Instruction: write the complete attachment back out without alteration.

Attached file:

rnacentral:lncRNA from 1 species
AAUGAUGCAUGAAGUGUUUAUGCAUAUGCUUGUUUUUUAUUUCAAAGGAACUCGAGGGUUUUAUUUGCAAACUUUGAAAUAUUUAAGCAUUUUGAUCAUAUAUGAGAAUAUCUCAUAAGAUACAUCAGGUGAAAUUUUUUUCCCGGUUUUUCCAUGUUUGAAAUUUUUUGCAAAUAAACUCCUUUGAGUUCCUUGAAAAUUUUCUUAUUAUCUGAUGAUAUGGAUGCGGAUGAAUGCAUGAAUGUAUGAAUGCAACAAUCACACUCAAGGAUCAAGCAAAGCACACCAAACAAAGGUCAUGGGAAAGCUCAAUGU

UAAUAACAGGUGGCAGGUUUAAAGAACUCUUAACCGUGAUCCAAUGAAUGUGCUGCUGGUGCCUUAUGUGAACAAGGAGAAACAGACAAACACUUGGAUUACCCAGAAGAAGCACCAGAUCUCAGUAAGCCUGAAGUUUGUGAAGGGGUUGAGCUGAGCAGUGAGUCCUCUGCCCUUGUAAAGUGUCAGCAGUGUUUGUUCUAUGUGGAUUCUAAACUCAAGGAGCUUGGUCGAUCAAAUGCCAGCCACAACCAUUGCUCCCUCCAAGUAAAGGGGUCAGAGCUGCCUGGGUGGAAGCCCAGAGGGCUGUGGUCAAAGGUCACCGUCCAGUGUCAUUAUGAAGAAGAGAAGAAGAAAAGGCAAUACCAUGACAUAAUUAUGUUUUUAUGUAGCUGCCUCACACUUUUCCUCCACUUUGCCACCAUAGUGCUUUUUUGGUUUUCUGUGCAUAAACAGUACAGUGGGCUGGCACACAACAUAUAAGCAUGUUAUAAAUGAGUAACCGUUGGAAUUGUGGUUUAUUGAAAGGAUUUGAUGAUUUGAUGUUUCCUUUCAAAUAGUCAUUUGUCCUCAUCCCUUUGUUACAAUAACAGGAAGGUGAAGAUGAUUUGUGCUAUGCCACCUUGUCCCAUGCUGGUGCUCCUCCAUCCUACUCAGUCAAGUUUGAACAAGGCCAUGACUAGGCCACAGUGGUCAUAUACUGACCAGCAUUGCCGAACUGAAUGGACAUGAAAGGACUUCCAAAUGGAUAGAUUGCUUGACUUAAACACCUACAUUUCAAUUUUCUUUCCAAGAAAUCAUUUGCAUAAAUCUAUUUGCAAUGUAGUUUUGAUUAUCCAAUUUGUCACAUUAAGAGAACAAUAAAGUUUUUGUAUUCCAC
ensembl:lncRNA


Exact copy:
rnacentral:lncRNA from 1 species
AAUGAUGCAUGAAGUGUUUAUGCAUAUGCUUGUUUUUUAUUUCAAAGGAACUCGAGGGUUUUAUUUGCAAACUUUGAAAUAUUUAAGCAUUUUGAUCAUAUAUGAGAAUAUCUCAUAAGAUACAUCAGGUGAAAUUUUUUUCCCGGUUUUUCCAUGUUUGAAAUUUUUUGCAAAUAAACUCCUUUGAGUUCCUUGAAAAUUUUCUUAUUAUCUGAUGAUAUGGAUGCGGAUGAAUGCAUGAAUGUAUGAAUGCAACAAUCACACUCAAGGAUCAAGCAAAGCACACCAAACAAAGGUCAUGGGAAAGCUCAAUGU

UAAUAACAGGUGGCAGGUUUAAAGAACUCUUAACCGUGAUCCAAUGAAUGUGCUGCUGGUGCCUUAUGUGAACAAGGAGAAACAGACAAACACUUGGAUUACCCAGAAGAAGCACCAGAUCUCAGUAAGCCUGAAGUUUGUGAAGGGGUUGAGCUGAGCAGUGAGUCCUCUGCCCUUGUAAAGUGUCAGCAGUGUUUGUUCUAUGUGGAUUCUAAACUCAAGGAGCUUGGUCGAUCAAAUGCCAGCCACAACCAUUGCUCCCUCCAAGUAAAGGGGUCAGAGCUGCCUGGGUGGAAGCCCAGAGGGCUGUGGUCAAAGGUCACCGUCCAGUGUCAUUAUGAAGAAGAGAAGAAGAAAAGGCAAUACCAUGACAUAAUUAUGUUUUUAUGUAGCUGCCUCACACUUUUCCUCCACUUUGCCACCAUAGUGCUUUUUUGGUUUUCUGUGCAUAAACAGUACAGUGGGCUGGCACACAACAUAUAAGCAUGUUAUAAAUGAGUAACCGUUGGAAUUGUGGUUUAUUGAAAGGAUUUGAUGAUUUGAUGUUUCCUUUCAAAUAGUCAUUUGUCCUCAUCCCUUUGUUACAAUAACAGGAAGGUGAAGAUGAUUUGUGCUAUGCCACCUUGUCCCAUGCUGGUGCUCCUCCAUCCUACUCAGUCAAGUUUGAACAAGGCCAUGACUAGGCCACAGUGGUCAUAUACUGACCAGCAUUGCCGAACUGAAUGGACAUGAAAGGACUUCCAAAUGGAUAGAUUGCUUGACUUAAACACCUACAUUUCAAUUUUCUUUCCAAGAAAUCAUUUGCAUAAAUCUAUUUGCAAUGUAGUUUUGAUUAUCCAAUUUGUCACAUUAAGAGAACAAUAAAGUUUUUGUAUUCCAC
ensembl:lncRNA